Lee Gomes from the Wall Street Journal wrote an interesting piece (sorry, not a free site) in his Portals Column about Project Avalanche which is essentially a software co-op for businesses to share their applications and code. Current members include Jostens, BestBuy, and Cargill. According to Lee, the Avalanche Project was started because the founders kept asking themselves the following questions:
“Why were they writing such big checks to their software companies, but getting so little in return? Why were their in-house programming staffs writing the same sorts of custom programs written at thousands of other companies? If Detroit car makers can collaborate on research, why couldn’t U.S. technology users?”
The project is in its early stages but has grand ambitions. One of the founding members discusses what would happen if the group banded together to create their own CRM system or their own Linux-based desktop environment, saving all of the participants lots of dollars on licensing fees. While the idea of software reuse is not new, as developers have talked about this for years, the implementation via a co-op is what’s unique. In addition, most of the other companies or sites that I have seen specialize in sharing snippets of code versus full applications.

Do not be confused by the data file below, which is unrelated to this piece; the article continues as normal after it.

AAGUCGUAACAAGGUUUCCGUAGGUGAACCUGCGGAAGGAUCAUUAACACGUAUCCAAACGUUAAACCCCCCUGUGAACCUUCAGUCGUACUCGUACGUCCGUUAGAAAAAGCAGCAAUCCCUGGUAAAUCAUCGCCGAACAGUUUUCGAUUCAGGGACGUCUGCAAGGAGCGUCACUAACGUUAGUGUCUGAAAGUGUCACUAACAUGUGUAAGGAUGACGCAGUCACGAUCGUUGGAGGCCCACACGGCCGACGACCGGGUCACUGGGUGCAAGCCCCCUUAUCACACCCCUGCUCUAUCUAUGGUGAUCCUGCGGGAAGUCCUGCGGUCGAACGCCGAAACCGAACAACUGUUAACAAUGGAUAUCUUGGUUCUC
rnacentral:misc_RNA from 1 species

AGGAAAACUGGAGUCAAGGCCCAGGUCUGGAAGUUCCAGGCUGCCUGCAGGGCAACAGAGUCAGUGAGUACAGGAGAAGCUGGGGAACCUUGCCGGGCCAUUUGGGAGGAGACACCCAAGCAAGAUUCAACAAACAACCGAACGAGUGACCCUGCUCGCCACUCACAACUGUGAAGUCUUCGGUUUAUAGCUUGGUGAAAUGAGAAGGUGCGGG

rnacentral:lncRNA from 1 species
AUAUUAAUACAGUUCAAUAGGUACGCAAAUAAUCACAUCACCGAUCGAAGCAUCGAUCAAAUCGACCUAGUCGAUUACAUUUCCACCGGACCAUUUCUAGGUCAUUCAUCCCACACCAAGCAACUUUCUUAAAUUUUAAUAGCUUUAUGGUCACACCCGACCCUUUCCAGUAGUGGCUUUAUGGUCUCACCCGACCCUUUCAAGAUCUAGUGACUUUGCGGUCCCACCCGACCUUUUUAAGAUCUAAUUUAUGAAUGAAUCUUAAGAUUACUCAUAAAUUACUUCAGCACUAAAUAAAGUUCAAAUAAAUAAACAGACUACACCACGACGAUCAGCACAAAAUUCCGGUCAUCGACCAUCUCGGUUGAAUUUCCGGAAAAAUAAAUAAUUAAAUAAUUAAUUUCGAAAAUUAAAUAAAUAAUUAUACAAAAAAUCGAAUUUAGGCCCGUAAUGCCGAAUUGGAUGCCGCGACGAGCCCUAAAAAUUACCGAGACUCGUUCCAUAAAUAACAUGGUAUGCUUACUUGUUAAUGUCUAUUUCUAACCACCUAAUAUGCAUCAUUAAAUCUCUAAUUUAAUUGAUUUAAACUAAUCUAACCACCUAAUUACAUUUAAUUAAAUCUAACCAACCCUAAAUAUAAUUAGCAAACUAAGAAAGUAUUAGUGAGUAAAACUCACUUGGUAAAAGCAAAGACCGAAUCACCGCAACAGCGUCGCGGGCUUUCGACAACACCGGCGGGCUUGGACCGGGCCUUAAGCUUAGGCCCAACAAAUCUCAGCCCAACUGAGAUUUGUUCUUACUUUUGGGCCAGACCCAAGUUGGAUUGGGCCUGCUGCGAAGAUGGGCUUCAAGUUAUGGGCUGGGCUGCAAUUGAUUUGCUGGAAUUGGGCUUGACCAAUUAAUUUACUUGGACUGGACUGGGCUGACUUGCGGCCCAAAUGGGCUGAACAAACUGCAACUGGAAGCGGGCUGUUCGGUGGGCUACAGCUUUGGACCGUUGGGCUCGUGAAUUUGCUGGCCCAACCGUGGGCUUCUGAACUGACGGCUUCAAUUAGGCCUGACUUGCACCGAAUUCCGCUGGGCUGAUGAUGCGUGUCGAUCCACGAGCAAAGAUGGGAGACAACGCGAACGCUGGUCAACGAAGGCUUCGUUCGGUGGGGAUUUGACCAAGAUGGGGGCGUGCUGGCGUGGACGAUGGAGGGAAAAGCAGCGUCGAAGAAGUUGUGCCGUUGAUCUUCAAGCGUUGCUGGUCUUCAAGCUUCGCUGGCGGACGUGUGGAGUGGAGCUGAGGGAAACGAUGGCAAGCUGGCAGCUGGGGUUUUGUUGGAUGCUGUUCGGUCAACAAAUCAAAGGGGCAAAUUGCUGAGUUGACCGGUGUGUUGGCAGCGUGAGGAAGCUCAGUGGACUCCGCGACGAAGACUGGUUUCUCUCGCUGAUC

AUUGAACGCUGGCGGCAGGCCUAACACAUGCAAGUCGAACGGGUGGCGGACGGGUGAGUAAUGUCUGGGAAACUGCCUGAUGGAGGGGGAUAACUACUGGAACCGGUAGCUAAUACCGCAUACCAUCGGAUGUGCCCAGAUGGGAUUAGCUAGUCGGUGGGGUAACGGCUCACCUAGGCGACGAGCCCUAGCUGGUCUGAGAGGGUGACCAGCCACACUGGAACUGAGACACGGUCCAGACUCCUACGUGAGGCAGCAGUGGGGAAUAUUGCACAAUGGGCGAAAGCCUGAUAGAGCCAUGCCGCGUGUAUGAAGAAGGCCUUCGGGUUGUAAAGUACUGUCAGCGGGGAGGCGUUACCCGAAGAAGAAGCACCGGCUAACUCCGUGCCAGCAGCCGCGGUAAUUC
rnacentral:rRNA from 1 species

If you are interested about software reuse, I encourage you to read up on a company I met with early last year, Artifact Software. Artifact Software has a tool that allows developers to collaborate and create a code sharing community. Its initial target market will be selling to enterprises, allowing their developers to collaborate internally to become more productive. However, its business model is to seed the target market with its tools by allowing users to download its product for free and share code via an open website at www.codejack.com. The website currently lists 33k artifacts of code with over 23k users. Leveraging the open source philosophy, Codejack is not only about searching and finding code, but also about testing, rating, and reviewing code. Other companies to keep an eye on include Component Source and Logic Library which is more enterprise-focused. While developers have been talking about software reuse and its ancillary benefits for years, I have no doubt that given a tough climate for IT spending and the acceptance of open source, that the idea for software reuse and collaborative development will become a big topic again. In the long run, I am sure that the members of Project Avalanche will contribute and develop some interesting software.